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# Factoring

## by Lorra Frese on Feb 25, 2010

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This presentation discusses the different methods to factor a quadratic equation.

This presentation discusses the different methods to factor a quadratic equation.

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## FactoringPresentation Transcript

• WHAT TO LOOK FOR Look for three terms. Look for only two terms. Look for only two terms. The coefficient of x is the sum of two numbers and the constant is the product of the same two numbers. The beginning & end terms are perfect squares and the middle term is doubled. Look for the variable to be cubed The first term must be squared. Look for two perfect squares being subtracted. Look for a coefficient in front of x. GENERIC RECTANGLE/ DIAMOND SHORT CUTS GCF
• VOCABULARY
• Difference of squares - A special polynomial that can be factored as the product of the sum and difference of two terms.
• Factor - Where two or more algebraic expressions are multiplied together, each of the expressions is a factor of the product.
• Factored completely - A polynomial is factored completely if none of the resulting factors can be factored further.
• Generic rectangle - An organizational device used for multiplying and factoring polynomials.
• Greatest common factor - for a polynomial, the greatest common monomial factor of its terms.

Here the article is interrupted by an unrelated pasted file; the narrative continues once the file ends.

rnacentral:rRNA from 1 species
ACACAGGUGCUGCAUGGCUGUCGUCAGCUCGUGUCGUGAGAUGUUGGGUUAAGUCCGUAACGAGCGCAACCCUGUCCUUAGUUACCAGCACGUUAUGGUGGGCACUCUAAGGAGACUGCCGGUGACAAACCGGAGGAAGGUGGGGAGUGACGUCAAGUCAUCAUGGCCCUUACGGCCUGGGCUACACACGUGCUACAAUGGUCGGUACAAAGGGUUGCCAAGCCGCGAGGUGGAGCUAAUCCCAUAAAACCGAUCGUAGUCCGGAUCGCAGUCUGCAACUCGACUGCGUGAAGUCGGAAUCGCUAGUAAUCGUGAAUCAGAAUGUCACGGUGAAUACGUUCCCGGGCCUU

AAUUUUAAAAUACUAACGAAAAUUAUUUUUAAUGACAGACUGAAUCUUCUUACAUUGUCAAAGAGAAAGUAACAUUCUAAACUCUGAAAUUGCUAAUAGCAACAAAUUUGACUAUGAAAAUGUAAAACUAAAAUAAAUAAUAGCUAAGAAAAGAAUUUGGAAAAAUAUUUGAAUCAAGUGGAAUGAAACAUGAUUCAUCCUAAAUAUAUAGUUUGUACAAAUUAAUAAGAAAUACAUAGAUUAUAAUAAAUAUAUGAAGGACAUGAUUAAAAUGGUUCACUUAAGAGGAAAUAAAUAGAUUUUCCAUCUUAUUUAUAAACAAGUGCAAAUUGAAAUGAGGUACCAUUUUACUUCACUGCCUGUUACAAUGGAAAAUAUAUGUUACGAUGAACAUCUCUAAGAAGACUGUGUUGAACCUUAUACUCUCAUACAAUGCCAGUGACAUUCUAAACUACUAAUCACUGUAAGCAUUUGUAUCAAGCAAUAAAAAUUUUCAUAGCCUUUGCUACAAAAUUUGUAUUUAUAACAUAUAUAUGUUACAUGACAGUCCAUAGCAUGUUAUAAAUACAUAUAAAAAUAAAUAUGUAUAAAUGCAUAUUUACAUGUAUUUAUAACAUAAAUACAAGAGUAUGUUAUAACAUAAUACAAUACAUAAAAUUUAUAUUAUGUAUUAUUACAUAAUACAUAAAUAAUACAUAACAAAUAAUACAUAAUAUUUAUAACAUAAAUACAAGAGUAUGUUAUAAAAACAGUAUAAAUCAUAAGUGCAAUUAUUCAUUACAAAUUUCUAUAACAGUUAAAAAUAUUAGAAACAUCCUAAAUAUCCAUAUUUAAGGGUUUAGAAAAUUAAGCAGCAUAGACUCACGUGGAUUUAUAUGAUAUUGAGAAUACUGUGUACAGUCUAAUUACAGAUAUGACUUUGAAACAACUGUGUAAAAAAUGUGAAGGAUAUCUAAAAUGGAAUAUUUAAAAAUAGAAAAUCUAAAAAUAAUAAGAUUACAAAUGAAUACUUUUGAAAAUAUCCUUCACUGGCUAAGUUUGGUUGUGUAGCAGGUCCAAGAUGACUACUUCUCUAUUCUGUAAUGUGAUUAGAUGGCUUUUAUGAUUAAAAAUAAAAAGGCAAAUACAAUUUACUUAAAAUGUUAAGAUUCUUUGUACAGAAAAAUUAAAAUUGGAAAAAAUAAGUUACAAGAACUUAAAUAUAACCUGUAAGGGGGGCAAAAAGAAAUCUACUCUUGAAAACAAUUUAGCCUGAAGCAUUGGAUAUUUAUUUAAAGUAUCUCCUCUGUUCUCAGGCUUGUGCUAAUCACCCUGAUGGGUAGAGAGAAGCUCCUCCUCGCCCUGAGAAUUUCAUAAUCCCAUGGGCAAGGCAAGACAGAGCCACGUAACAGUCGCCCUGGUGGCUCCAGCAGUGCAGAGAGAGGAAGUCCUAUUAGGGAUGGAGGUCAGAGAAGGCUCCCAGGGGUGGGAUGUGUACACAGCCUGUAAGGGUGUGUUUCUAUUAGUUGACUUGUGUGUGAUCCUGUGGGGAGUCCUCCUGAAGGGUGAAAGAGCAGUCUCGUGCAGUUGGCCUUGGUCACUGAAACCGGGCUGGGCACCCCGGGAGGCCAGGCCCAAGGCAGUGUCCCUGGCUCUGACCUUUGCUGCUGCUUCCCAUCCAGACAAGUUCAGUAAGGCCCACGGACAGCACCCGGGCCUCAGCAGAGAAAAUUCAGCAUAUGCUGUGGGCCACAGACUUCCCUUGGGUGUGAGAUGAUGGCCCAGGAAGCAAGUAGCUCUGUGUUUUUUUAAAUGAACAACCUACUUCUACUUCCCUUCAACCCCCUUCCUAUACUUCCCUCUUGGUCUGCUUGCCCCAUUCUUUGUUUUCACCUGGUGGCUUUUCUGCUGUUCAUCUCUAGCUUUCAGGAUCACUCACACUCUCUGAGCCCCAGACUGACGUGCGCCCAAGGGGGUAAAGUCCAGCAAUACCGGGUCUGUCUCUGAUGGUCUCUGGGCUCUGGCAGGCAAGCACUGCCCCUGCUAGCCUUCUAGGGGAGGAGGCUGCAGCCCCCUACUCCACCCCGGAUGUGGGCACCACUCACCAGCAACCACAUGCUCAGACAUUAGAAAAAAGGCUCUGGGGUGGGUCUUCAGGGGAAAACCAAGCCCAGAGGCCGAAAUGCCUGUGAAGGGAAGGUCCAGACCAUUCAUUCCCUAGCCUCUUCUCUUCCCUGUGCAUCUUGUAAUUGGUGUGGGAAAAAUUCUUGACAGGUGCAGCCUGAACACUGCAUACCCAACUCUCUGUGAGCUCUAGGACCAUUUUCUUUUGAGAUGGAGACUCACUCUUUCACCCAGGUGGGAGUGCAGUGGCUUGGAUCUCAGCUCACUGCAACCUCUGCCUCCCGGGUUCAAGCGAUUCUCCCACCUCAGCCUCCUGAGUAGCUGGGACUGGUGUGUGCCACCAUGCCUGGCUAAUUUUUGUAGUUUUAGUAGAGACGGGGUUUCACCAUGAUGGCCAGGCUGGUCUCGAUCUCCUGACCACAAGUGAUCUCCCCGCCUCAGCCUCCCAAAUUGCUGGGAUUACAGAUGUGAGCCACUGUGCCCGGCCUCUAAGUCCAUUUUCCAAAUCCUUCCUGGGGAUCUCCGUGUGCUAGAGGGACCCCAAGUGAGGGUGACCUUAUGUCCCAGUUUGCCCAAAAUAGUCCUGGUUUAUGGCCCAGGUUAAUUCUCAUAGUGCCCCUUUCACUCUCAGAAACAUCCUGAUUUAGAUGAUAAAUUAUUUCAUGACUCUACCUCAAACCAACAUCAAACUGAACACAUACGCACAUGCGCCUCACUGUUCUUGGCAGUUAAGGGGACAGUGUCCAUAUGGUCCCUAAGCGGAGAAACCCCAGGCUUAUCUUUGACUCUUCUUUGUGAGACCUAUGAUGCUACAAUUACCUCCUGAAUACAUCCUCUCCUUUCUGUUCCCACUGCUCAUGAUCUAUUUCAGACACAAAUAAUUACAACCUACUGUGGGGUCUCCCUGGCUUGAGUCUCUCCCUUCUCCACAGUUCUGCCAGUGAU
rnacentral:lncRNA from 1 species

• Perfect square trinomials - Trinomials of the form are known as perfect square trinomials as
• Polynomial - the sum or difference of two or more monomials.
• Quadratic - A polynomial is quadratic if the largest exponent in the polynomial is two (that is, the polynomial has degree 2).
• Term - Each part of the expression separated by addition or subtraction signs.
• Variable - A variable is a symbol used in a mathematical sentence to represent a number.
• GCF - TWO TERMS
• A big clue that you need to use the GCF is when there are only two terms
• Examples
• GCF - coefficient in front of x (a > 1)
• Another clue that you will need to use the GCF is when the coefficient in front of x is greater than 1.
• Examples
• GCF - X is cubed
• A third clue that you should use the GCF to factor is when the variable is cubed.
• Examples
• DIFFERENCE OF SQUARES (Short Cut)
• Here’s what to look for with difference of squares:
• a. There are only two terms
• b. Both terms are perfect squares.
• c. The terms must be subtracted!
• Once you determine an expression is a d i fference of
• squares it’s very simple to factor. For example:
• PERFECT SQUARE TRINOMIAL (Short cut)
• DESCRIPTION
• If the first and third terms are squares, take their square
• root, multiply them together and then multiply by 2. If
• got a perfect square trinomial.
• EXAMPLES
• FACTORING COMPLETELY
• A polynomial is factored completely if none of the resulting factors can be factored further.
• Examples This polynomial is factored completely:
• GENERIC RECTANGLE & DIAMOND - SIMPLE
• After the GCF and the factoring short cuts, the next thing you should look for when factoring is to see if you can use the generic rectangle and diamond method.
• Diamond Problems can be used to help factor easier quadratics like x 2 + 6x + 8.
• GENERIC RECTANGLE & DIAMOND - COMPLEX
• We can modify the diamond method slightly to factor problems that are a little different in that they no longer have a “ 1 ” as the coefficient of x 2 . For example, factor:
• REFERENCES
• Sallee, T., Kysh, J., Kasimatis, E.,(2002). CPM Algebra 1.Sacramento, CA
• http://www.saab.org/mathdrills/factor.cgi - factoring practice
• http://www.regentsprep.org/Regents/math/ALGEBRA/AV6/PracFact1.htm - DOS
• http://www.purplemath
• http://www.mathvids.com/lesson/mathhelp/790-factoring-polynomials-using-gcf
• http://www.algebralab.org/lessons/lesson.aspx?file=Algebra_Factoring.xml